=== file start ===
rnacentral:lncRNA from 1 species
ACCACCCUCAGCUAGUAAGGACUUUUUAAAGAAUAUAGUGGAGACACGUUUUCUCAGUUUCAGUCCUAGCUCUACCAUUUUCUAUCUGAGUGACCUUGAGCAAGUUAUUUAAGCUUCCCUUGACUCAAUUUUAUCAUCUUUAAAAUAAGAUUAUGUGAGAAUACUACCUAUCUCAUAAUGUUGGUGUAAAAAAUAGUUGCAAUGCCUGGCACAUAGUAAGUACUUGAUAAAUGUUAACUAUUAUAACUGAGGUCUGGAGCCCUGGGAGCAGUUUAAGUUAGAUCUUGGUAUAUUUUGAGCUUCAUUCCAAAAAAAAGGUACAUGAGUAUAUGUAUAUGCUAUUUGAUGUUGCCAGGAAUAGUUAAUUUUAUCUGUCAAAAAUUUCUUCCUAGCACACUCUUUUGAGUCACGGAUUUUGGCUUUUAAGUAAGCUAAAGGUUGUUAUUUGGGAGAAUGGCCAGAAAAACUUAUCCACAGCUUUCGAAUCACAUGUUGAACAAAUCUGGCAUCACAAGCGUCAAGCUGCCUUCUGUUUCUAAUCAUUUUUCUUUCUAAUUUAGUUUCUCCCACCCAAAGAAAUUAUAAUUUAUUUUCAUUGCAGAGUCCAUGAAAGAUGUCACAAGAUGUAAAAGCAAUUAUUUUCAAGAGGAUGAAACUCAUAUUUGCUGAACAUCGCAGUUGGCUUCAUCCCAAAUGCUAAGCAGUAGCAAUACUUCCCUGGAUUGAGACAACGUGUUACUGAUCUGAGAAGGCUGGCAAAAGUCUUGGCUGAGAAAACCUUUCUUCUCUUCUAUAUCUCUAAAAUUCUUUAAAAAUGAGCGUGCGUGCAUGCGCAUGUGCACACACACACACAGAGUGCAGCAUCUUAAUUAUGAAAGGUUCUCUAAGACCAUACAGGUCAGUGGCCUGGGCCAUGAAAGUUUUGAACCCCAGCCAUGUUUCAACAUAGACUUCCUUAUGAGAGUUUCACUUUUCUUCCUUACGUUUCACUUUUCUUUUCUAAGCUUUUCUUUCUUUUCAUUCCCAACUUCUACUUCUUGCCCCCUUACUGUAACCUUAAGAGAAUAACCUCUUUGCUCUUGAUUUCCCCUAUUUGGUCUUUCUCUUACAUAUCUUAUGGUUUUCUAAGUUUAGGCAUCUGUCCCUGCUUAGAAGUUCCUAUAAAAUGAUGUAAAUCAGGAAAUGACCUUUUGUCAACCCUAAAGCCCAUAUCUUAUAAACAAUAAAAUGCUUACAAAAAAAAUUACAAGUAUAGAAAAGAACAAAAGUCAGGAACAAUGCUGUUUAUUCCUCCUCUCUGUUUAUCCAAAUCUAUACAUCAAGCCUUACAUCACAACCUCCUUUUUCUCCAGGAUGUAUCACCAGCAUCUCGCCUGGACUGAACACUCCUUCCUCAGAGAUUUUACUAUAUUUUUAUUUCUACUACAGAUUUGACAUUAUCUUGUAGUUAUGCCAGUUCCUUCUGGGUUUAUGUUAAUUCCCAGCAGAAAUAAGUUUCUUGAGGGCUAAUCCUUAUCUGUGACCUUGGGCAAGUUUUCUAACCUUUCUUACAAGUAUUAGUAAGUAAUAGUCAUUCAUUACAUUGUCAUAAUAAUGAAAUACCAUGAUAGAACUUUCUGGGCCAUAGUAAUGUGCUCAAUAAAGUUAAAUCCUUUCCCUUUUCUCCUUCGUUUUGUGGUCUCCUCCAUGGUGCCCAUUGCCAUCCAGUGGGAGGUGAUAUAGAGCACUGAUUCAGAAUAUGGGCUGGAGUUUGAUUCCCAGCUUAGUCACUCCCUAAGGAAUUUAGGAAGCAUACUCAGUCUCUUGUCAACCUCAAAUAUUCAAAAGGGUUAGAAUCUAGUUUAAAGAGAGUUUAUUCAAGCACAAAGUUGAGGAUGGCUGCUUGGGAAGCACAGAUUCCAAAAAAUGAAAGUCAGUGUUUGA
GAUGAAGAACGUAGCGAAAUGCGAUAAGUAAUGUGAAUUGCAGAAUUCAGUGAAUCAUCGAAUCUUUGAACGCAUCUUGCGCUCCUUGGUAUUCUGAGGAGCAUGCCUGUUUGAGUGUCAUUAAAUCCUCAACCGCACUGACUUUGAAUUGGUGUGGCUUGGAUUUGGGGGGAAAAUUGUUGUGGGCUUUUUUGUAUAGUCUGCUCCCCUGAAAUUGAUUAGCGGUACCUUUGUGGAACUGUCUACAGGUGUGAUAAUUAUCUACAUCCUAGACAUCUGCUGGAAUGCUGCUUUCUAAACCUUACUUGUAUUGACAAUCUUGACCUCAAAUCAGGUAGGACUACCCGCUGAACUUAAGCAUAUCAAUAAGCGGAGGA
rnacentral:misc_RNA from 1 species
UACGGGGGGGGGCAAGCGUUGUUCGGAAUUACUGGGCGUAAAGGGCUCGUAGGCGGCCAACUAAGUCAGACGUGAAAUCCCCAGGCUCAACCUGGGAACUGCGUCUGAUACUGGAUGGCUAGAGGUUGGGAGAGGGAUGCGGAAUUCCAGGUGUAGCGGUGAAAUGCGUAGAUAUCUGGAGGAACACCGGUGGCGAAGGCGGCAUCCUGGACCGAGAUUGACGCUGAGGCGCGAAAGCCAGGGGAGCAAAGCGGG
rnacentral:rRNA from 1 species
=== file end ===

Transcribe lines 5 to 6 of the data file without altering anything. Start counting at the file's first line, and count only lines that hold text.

UACGGGGGGGGGCAAGCGUUGUUCGGAAUUACUGGGCGUAAAGGGCUCGUAGGCGGCCAACUAAGUCAGACGUGAAAUCCCCAGGCUCAACCUGGGAACUGCGUCUGAUACUGGAUGGCUAGAGGUUGGGAGAGGGAUGCGGAAUUCCAGGUGUAGCGGUGAAAUGCGUAGAUAUCUGGAGGAACACCGGUGGCGAAGGCGGCAUCCUGGACCGAGAUUGACGCUGAGGCGCGAAAGCCAGGGGAGCAAAGCGGG
rnacentral:rRNA from 1 species